February 21, 2017 12:26:30 am
On February 15, 1989, General Boris Gromov walked across the Friendship Bridge on the Amu-Daria to complete a humiliating Soviet withdrawal. Twenty-eight years since, last Wednesday, Russia hosted a six-country meeting on February 15 to discuss Afghanistan. China, Afghanistan, Pakistan, Iran and India joined Russia; the US was conspicuous by its absence. This confirms Russia’s return to a publically active, if not interventionist, role in a country it has considered strategically significant since Czarist times. Does this mark a fresh round of the Great Game?
Russia is asserting that the Islamic State (IS) is gaining significant ground in Afghanistan and will pose a grave threat to the Central Asian Republics and its own security. To counter the IS, Russia wants to confer international legitimacy on the Taliban; it has acknowledged its own contacts with the group and wants it to be accommodated in Afghanistan’s power structures. In pursuit of this, it has warmed up to Pakistan.
The IS in Afghanistan is far from the potent threat that Russia is making it out to be. It largely consists of Tehreek-e-Taliban-e-Pakistan (TTP), renegade Afghan Taliban and criminals. Its focus is Pakistan and Afghanistan. Russia cannot be oblivious of this reality. Hence, its approach is not motivated as much by Afghanistan per se as to make it a theatre in its overall contestation with the US and its European allies.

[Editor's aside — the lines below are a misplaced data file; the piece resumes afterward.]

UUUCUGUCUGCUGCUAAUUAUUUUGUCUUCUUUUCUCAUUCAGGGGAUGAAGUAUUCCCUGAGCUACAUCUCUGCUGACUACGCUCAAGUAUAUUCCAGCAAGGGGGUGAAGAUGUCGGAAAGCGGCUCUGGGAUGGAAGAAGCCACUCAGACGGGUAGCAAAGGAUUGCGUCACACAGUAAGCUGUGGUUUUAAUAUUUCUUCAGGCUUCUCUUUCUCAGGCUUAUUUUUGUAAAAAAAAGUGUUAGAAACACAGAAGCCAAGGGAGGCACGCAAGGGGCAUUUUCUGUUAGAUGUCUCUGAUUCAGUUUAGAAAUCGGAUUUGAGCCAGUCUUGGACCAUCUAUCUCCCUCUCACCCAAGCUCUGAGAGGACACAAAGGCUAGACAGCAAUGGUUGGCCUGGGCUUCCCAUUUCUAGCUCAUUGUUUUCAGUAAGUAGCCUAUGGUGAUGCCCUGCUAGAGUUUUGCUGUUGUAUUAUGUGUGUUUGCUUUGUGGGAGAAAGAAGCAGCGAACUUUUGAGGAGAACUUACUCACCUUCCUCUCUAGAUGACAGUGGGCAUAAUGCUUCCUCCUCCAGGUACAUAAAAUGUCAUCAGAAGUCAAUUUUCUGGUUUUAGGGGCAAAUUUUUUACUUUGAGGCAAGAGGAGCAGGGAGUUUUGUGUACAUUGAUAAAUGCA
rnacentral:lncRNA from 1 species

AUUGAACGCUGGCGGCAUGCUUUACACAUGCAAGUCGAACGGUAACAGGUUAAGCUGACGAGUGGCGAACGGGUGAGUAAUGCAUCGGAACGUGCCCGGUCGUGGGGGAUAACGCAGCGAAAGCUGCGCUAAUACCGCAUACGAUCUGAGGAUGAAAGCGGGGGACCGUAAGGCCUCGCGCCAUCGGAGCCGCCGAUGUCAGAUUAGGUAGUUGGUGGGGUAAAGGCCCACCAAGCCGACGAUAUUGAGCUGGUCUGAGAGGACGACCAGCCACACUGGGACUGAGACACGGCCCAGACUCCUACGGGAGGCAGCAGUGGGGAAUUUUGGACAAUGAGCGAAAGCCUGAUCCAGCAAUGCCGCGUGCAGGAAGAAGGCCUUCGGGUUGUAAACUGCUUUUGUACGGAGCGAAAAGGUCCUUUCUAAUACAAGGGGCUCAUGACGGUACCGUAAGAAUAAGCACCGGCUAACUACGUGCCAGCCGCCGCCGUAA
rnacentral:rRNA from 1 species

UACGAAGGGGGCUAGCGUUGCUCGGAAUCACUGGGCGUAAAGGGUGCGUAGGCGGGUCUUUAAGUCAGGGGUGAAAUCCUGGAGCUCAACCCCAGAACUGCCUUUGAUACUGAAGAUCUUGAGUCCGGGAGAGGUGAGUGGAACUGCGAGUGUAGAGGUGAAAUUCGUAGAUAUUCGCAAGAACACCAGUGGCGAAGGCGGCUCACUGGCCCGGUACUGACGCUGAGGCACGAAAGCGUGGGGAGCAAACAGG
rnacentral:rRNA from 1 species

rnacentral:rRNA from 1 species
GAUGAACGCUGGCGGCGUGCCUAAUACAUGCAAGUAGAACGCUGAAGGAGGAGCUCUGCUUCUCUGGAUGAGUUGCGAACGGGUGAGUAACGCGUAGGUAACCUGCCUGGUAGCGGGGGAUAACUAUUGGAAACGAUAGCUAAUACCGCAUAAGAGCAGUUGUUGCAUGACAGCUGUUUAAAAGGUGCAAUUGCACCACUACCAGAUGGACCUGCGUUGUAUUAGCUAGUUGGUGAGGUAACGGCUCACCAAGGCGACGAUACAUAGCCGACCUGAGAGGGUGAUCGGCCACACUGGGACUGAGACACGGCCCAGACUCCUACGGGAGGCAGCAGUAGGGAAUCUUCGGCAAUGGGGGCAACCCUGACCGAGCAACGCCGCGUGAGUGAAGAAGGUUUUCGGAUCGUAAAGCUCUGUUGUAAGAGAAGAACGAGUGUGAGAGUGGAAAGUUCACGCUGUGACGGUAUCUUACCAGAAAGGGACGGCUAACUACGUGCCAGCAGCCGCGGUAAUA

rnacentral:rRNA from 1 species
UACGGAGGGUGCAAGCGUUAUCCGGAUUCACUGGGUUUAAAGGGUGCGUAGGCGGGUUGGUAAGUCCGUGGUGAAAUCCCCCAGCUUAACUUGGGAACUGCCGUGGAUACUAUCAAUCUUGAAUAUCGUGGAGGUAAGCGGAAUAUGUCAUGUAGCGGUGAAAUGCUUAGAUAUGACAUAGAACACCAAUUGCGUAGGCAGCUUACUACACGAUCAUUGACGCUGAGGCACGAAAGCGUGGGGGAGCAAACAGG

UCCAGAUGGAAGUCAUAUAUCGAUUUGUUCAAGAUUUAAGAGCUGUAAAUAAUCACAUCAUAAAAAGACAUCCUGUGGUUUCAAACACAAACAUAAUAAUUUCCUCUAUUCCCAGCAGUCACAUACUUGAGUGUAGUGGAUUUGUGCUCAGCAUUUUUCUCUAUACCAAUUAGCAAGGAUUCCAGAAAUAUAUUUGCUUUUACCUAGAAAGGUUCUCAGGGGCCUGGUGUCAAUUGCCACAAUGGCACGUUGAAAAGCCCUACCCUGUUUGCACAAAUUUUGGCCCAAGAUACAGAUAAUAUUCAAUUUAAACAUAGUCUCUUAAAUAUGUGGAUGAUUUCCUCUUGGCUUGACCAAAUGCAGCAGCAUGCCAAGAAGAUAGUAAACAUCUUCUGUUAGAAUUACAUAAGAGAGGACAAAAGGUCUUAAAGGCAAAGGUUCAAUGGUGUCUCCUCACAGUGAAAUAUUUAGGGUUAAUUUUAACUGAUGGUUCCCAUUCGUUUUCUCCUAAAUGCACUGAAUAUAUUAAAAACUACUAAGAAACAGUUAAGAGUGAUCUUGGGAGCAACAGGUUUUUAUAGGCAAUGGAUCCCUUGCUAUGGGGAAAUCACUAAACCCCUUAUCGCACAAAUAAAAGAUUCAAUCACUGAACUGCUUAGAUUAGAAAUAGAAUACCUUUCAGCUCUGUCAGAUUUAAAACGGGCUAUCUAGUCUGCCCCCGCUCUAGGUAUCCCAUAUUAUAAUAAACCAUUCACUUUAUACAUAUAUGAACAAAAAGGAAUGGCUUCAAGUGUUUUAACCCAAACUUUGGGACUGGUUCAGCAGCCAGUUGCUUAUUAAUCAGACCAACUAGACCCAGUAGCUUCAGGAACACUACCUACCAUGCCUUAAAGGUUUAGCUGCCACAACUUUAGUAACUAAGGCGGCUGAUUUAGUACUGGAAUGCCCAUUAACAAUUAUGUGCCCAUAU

The situation now is almost the exact opposite of that of the 1980s. Then, the Soviets had troops in Afghanistan, supported the Kabul government and combated jihadist groups, backed by the US. Now, the US is supporting the Kabul government. The fundamental difference though between the 1980s and now lies in the rise of global terrorism. Pakistan-Afghanistan is a major centre of international terrorism. The US cannot allow Afghanistan to become a staging post for terror. The consequence is a stalemate.
One factor central to the Afghan situation will remain the same. This is Pakistan’s desire to control any Afghan government’s choices that it considers impacts its interests — central to this is Afghanistan’s India policies. Both Hamid Karzai and Ashraf Ghani were willing to substantially accommodate Pakistan on India’s role, but not allow it a veto. Pakistan hopes an Islamist government in Afghanistan, like the Taliban from 1996-2001, will keep India out: However, some Taliban elements seem keen to open a channel with India. It would not be inconsistent with India’s Afghan interests if quiet contacts are maintained with the Taliban. It would neither confer legitimacy on the Taliban, nor erode that of the Afghan government.
But the Taliban reluctance to seriously engage with Afghan authorities is maintained by their success in keeping terrorist insurgency going, with Pakistani support. That is not going to change unless the Trump administration is willing to send troops along the Durand Line — an impossible scenario. Pakistan will handle US pressures with Chinese help — it knows US manoeuvring space over Afghanistan is severely limited. China is cautious. It has maintained contacts with the Taliban and is part of both the US and Russia-led process. Iran will be in the Russian camp on Afghanistan.
The key for India is to maintain contacts with all groups in the Afghan political process. Unlike some years ago, the US now openly acknowledges that India’s role makes it an indispensable partner in Afghanistan. Russia can ignore that only to its detriment.
The writer is a former diplomat
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